Depending on your applications, they also may have some need for semi-restricted states, where no one else can be in inventory when you doing end-of-month, or need for regular reorganization of some files. This week the Evansville AS/400 User Group meeting was a round table on disaster planning & backup topics. We shared a lot of stories of challenges & solutions. I was there. Several companies are 24x7 in which they have enough disk space to do a save to save file on disk, then from disk to tape, then wipe out the save file on disk. They only have to take people off for 5 minutes while check pointing what has to be saved. One outfit knows which libraries not being used, and is saving them while bringing everyone else down in that 5 minutes. I do the AS/400 backup & other folks do the Microsoft Backup. I can hear a lot of whining from my collegues. > From: firstname.lastname@example.org (James Rich) > > On Thu, 17 Jan 2002, John Ross wrote: > > > We have an IBM AS400 - 730 and 720. > > Luckily for us, our 2 systems have had > > 0 down time in many years. > > This is probably not true. Do you ever install PTFs or upgrades? How > about backing up your system? You do have down time. You may not have > any failures per se but you do have down time. > > It seems to me that compared to other stable systems (i.e. non-Microsoft) > OS/400 has more downtime due to backup/IPL. That is probably due to the > database backup (which isn't necessary on my other systems since they > don't run the DB). But OS/400 requires the system to be in a restricted > state throughout the backup process. This can require a lot of downtime > every night. > > Can anyone comment on: > > 1. How to minimize downtime due to backup. For example, how to get a > good "snapshot" of the data while minimizing the time spent in a > restricted state. > > 2. How downtime due to system maintainance (daily backup, PTFs, > upgrades, etc.) compares between OS/400 and other stable OSes (like > Solaris, OS/390, other unix). Does anyone run DBs on something besides > iSeries and can comment on their backup process? > > Surely someone like the New York Stock Exchange has a lot of data to > backup every day and also can't allow their machine to be restricted for > very long. How do they do it? > > James Rich > email@example.com MacWheel99@aol.com (Alister Wm Macintyre) (Al Mac) BPCS 405 CD Manager / Programmer @ Global Wire Technologies Incorporated http://www.globalwiretechnologies.com = new name same quality wire engineering company: fax # 812-424-6838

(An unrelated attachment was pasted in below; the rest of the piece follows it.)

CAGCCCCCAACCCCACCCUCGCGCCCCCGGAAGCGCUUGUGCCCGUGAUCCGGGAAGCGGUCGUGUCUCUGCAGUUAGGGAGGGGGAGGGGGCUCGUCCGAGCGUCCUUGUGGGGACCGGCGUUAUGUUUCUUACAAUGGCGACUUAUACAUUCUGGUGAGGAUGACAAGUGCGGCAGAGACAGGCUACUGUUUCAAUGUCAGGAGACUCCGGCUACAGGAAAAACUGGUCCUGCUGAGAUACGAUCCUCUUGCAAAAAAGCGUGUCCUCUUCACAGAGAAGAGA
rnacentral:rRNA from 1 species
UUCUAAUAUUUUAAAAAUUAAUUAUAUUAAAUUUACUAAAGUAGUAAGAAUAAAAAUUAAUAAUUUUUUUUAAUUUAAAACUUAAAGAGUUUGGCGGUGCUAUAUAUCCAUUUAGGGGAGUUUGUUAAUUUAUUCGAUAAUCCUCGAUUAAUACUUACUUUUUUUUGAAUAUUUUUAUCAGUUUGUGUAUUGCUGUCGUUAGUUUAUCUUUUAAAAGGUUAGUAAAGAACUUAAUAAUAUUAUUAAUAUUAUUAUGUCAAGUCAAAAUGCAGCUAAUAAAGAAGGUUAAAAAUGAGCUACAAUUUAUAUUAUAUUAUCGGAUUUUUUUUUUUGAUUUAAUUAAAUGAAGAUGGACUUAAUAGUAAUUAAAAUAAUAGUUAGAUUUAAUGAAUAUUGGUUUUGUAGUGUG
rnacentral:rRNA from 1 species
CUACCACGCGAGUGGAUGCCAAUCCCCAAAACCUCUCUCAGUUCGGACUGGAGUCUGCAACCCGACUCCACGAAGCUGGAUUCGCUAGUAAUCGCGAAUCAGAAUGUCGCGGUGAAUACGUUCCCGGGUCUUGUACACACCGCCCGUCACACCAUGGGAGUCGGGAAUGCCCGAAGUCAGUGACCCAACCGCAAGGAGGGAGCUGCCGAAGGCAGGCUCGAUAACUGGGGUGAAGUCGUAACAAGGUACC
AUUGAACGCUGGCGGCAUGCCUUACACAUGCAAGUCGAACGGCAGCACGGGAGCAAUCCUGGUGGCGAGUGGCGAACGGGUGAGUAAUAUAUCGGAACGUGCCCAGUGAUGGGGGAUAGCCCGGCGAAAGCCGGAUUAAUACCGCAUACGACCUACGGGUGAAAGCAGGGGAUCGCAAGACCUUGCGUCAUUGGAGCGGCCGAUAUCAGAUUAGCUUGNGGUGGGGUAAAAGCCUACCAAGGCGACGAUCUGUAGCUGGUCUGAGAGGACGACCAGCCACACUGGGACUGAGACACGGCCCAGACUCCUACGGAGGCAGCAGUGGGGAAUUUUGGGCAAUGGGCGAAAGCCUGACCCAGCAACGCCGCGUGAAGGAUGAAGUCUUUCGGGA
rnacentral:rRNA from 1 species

As an Amazon Associate we earn from qualifying purchases.
Operating expenses for this site are earned using the Amazon Associate program and Google Adsense.